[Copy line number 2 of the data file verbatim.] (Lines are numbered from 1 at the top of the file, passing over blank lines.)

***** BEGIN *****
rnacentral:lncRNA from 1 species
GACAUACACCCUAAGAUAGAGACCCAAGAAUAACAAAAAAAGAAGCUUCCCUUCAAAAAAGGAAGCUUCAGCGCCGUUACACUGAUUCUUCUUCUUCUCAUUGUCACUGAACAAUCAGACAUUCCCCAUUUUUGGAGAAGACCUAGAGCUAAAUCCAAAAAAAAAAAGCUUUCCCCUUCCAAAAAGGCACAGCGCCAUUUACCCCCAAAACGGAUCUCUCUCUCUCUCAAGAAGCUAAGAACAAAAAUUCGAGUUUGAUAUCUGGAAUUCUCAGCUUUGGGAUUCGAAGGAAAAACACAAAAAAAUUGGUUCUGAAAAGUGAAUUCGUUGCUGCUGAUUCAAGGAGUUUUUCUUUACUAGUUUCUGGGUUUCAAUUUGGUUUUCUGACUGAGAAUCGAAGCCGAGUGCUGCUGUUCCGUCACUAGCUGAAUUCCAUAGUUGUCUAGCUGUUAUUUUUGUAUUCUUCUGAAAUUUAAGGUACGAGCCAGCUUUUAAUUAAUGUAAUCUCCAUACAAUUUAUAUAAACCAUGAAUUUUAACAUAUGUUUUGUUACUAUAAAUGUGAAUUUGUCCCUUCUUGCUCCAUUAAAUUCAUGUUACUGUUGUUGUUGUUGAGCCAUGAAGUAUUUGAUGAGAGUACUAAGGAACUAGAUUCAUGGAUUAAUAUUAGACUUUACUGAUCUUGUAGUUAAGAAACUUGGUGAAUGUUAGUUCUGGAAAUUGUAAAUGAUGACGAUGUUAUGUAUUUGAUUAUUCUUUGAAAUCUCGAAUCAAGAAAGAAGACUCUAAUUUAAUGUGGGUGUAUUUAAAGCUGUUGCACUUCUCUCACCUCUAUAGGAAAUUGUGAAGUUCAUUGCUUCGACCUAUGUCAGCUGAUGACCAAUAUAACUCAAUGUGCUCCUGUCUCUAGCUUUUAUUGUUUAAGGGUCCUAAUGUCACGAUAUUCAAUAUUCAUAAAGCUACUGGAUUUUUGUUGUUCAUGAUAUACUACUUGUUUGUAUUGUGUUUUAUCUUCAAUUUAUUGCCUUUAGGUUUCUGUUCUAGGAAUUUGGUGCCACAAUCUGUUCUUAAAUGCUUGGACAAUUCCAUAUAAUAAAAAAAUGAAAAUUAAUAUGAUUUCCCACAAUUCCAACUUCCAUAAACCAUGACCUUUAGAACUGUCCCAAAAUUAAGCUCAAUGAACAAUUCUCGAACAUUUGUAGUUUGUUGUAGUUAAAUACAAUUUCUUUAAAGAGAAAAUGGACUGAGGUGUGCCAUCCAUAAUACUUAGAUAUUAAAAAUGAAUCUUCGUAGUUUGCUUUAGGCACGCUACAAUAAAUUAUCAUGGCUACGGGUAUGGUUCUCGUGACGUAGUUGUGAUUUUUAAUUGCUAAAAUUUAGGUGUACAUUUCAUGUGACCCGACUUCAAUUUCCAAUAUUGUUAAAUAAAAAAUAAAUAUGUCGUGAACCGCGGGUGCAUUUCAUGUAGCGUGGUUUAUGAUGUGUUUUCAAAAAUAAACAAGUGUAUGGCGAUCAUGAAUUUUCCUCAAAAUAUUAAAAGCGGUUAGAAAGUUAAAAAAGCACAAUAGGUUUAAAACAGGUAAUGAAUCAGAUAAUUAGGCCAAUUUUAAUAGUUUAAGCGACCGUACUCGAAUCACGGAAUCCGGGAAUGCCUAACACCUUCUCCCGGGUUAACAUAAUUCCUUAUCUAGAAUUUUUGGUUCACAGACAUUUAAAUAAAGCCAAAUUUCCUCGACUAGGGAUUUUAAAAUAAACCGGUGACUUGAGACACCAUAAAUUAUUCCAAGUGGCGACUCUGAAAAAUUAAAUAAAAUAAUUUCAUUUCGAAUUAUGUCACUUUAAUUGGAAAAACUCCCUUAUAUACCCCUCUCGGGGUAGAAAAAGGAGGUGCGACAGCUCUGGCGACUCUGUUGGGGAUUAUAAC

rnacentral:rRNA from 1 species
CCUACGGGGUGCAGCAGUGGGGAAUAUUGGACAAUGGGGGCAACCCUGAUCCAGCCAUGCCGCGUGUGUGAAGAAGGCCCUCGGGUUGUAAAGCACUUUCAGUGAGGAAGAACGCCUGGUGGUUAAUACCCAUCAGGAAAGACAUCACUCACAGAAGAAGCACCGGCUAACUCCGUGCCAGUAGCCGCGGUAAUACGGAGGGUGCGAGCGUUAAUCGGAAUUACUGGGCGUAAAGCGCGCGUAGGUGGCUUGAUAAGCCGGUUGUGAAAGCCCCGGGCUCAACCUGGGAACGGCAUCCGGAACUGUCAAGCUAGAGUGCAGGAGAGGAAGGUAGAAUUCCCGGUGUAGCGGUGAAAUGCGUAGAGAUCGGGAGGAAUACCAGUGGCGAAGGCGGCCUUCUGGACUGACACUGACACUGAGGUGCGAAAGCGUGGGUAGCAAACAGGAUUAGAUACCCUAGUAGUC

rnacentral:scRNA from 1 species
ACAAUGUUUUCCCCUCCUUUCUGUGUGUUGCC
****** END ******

GACAUACACCCUAAGAUAGAGACCCAAGAAUAACAAAAAAAGAAGCUUCCCUUCAAAAAAGGAAGCUUCAGCGCCGUUACACUGAUUCUUCUUCUUCUCAUUGUCACUGAACAAUCAGACAUUCCCCAUUUUUGGAGAAGACCUAGAGCUAAAUCCAAAAAAAAAAAGCUUUCCCCUUCCAAAAAGGCACAGCGCCAUUUACCCCCAAAACGGAUCUCUCUCUCUCUCAAGAAGCUAAGAACAAAAAUUCGAGUUUGAUAUCUGGAAUUCUCAGCUUUGGGAUUCGAAGGAAAAACACAAAAAAAUUGGUUCUGAAAAGUGAAUUCGUUGCUGCUGAUUCAAGGAGUUUUUCUUUACUAGUUUCUGGGUUUCAAUUUGGUUUUCUGACUGAGAAUCGAAGCCGAGUGCUGCUGUUCCGUCACUAGCUGAAUUCCAUAGUUGUCUAGCUGUUAUUUUUGUAUUCUUCUGAAAUUUAAGGUACGAGCCAGCUUUUAAUUAAUGUAAUCUCCAUACAAUUUAUAUAAACCAUGAAUUUUAACAUAUGUUUUGUUACUAUAAAUGUGAAUUUGUCCCUUCUUGCUCCAUUAAAUUCAUGUUACUGUUGUUGUUGUUGAGCCAUGAAGUAUUUGAUGAGAGUACUAAGGAACUAGAUUCAUGGAUUAAUAUUAGACUUUACUGAUCUUGUAGUUAAGAAACUUGGUGAAUGUUAGUUCUGGAAAUUGUAAAUGAUGACGAUGUUAUGUAUUUGAUUAUUCUUUGAAAUCUCGAAUCAAGAAAGAAGACUCUAAUUUAAUGUGGGUGUAUUUAAAGCUGUUGCACUUCUCUCACCUCUAUAGGAAAUUGUGAAGUUCAUUGCUUCGACCUAUGUCAGCUGAUGACCAAUAUAACUCAAUGUGCUCCUGUCUCUAGCUUUUAUUGUUUAAGGGUCCUAAUGUCACGAUAUUCAAUAUUCAUAAAGCUACUGGAUUUUUGUUGUUCAUGAUAUACUACUUGUUUGUAUUGUGUUUUAUCUUCAAUUUAUUGCCUUUAGGUUUCUGUUCUAGGAAUUUGGUGCCACAAUCUGUUCUUAAAUGCUUGGACAAUUCCAUAUAAUAAAAAAAUGAAAAUUAAUAUGAUUUCCCACAAUUCCAACUUCCAUAAACCAUGACCUUUAGAACUGUCCCAAAAUUAAGCUCAAUGAACAAUUCUCGAACAUUUGUAGUUUGUUGUAGUUAAAUACAAUUUCUUUAAAGAGAAAAUGGACUGAGGUGUGCCAUCCAUAAUACUUAGAUAUUAAAAAUGAAUCUUCGUAGUUUGCUUUAGGCACGCUACAAUAAAUUAUCAUGGCUACGGGUAUGGUUCUCGUGACGUAGUUGUGAUUUUUAAUUGCUAAAAUUUAGGUGUACAUUUCAUGUGACCCGACUUCAAUUUCCAAUAUUGUUAAAUAAAAAAUAAAUAUGUCGUGAACCGCGGGUGCAUUUCAUGUAGCGUGGUUUAUGAUGUGUUUUCAAAAAUAAACAAGUGUAUGGCGAUCAUGAAUUUUCCUCAAAAUAUUAAAAGCGGUUAGAAAGUUAAAAAAGCACAAUAGGUUUAAAACAGGUAAUGAAUCAGAUAAUUAGGCCAAUUUUAAUAGUUUAAGCGACCGUACUCGAAUCACGGAAUCCGGGAAUGCCUAACACCUUCUCCCGGGUUAACAUAAUUCCUUAUCUAGAAUUUUUGGUUCACAGACAUUUAAAUAAAGCCAAAUUUCCUCGACUAGGGAUUUUAAAAUAAACCGGUGACUUGAGACACCAUAAAUUAUUCCAAGUGGCGACUCUGAAAAAUUAAAUAAAAUAAUUUCAUUUCGAAUUAUGUCACUUUAAUUGGAAAAACUCCCUUAUAUACCCCUCUCGGGGUAGAAAAAGGAGGUGCGACAGCUCUGGCGACUCUGUUGGGGAUUAUAAC